Flexible work arrangements are all the rage. In theory, they improve employees' lives while increasing, or at least not decreasing, employee productivity. Such arrangements can help save money on facilities-related costs, and the work-from-anywhere foundation offers social advantages, including reduced commuting time and congestion.

But how to test the theory? How can one quantify the effects on people and workplaces related to workplace flexibility? Consultant FlexJobs has released its third annual study on flexible work arrangements, and may be getting closer to quantifying flexibility's benefits and limitations.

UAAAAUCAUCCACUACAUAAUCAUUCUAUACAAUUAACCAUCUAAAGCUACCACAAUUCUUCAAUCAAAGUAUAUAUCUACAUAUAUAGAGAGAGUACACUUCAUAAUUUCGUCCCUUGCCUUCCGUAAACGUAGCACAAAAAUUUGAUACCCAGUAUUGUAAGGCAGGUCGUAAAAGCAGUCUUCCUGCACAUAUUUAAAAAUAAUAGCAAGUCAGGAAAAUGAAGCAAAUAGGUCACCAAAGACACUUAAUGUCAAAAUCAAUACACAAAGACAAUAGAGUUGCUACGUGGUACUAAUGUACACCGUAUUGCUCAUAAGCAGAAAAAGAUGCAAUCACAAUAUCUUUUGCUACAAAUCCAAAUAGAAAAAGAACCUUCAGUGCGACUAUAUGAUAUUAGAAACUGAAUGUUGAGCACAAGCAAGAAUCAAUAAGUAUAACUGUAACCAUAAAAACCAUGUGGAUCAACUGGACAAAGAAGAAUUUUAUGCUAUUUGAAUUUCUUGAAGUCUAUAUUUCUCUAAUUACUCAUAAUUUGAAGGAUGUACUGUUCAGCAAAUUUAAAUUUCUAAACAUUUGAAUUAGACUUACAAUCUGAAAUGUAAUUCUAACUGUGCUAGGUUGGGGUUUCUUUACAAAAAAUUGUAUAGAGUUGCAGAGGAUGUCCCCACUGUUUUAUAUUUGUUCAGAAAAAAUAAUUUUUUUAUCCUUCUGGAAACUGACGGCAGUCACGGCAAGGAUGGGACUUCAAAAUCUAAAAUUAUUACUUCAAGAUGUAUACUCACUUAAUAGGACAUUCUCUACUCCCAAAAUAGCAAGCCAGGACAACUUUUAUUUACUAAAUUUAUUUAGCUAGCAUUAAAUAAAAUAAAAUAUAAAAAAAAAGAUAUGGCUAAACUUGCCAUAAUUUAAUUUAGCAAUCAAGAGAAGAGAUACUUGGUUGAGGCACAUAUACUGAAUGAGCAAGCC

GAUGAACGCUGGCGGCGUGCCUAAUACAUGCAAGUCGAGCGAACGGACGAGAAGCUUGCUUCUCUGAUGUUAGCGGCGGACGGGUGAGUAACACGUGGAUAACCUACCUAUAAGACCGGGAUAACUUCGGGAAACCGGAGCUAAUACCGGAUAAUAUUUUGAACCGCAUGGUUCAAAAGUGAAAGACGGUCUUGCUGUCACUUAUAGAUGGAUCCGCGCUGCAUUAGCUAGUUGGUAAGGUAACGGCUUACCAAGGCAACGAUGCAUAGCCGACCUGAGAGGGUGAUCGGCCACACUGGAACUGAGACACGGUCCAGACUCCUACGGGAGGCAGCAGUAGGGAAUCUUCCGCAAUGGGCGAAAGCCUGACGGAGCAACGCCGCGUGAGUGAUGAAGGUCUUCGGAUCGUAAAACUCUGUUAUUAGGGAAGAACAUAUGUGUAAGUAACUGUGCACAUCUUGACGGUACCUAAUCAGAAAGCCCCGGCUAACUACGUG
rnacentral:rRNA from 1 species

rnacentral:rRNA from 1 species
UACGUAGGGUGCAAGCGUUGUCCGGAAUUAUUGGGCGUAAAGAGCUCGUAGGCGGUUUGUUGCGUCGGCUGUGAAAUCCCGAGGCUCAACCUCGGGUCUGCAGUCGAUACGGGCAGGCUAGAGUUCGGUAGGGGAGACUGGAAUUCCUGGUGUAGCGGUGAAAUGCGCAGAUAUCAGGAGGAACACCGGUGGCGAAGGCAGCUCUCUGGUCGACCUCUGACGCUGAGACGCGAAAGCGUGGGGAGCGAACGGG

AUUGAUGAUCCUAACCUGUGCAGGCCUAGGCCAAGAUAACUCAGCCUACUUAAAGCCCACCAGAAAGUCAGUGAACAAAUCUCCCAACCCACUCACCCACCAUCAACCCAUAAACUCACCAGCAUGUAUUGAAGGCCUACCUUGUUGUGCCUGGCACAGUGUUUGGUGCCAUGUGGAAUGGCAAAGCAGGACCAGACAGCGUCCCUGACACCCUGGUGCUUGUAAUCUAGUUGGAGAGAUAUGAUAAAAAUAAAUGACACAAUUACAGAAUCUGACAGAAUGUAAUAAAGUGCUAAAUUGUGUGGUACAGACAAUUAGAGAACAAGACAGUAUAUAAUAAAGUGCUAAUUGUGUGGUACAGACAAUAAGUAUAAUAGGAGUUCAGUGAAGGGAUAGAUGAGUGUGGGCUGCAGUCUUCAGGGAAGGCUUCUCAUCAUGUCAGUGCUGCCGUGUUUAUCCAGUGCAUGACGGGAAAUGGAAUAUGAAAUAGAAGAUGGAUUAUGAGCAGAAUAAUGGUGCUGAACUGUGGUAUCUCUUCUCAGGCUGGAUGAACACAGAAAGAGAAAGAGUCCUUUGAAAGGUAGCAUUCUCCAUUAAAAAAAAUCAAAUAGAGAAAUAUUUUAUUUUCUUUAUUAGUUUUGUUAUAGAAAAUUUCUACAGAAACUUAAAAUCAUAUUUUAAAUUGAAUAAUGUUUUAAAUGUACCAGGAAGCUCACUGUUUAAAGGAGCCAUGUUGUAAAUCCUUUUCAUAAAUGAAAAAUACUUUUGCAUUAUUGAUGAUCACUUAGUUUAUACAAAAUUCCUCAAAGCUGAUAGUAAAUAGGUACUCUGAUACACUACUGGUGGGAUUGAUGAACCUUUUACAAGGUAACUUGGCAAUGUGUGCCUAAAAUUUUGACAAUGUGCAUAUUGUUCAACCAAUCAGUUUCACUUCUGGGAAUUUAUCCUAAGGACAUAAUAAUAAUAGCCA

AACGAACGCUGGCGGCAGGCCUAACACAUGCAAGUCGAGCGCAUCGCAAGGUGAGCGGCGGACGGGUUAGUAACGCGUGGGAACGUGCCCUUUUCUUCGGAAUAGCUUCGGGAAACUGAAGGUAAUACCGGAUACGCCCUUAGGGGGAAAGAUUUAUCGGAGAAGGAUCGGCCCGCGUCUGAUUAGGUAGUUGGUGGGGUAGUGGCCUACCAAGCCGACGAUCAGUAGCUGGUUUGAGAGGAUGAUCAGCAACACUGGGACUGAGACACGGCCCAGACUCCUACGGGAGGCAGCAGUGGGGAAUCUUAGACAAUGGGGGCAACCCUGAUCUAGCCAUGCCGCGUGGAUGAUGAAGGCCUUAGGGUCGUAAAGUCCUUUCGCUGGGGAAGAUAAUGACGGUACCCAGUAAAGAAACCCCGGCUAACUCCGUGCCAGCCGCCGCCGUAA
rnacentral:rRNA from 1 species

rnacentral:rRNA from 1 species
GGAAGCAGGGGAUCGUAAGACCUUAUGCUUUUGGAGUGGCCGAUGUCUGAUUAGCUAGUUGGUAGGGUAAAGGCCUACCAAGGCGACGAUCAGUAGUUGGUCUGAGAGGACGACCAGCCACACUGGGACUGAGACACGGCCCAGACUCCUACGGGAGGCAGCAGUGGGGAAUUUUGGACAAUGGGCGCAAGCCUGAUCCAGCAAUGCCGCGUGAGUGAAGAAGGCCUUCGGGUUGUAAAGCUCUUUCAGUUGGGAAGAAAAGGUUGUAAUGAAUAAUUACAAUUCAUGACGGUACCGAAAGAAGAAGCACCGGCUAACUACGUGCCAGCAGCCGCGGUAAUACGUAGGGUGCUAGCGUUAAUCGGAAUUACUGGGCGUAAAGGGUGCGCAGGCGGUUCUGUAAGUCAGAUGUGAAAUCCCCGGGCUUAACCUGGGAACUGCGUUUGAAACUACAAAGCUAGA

The company got input from 650 working parents, some with flexible schedules. The questions focused on how flexibility effects their work-life balance, their relationships with loved ones, and their health. Among the findings:

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Dan Cook

Dan Cook is a journalist and communications consultant based in Portland, OR. During his journalism career he has been a reporter and editor for a variety of media companies, including American Lawyer Media, BusinessWeek, Newhouse Newspapers, Knight-Ridder, Time Inc., and Reuters. He specializes in health care and insurance related coverage for BenefitsPRO.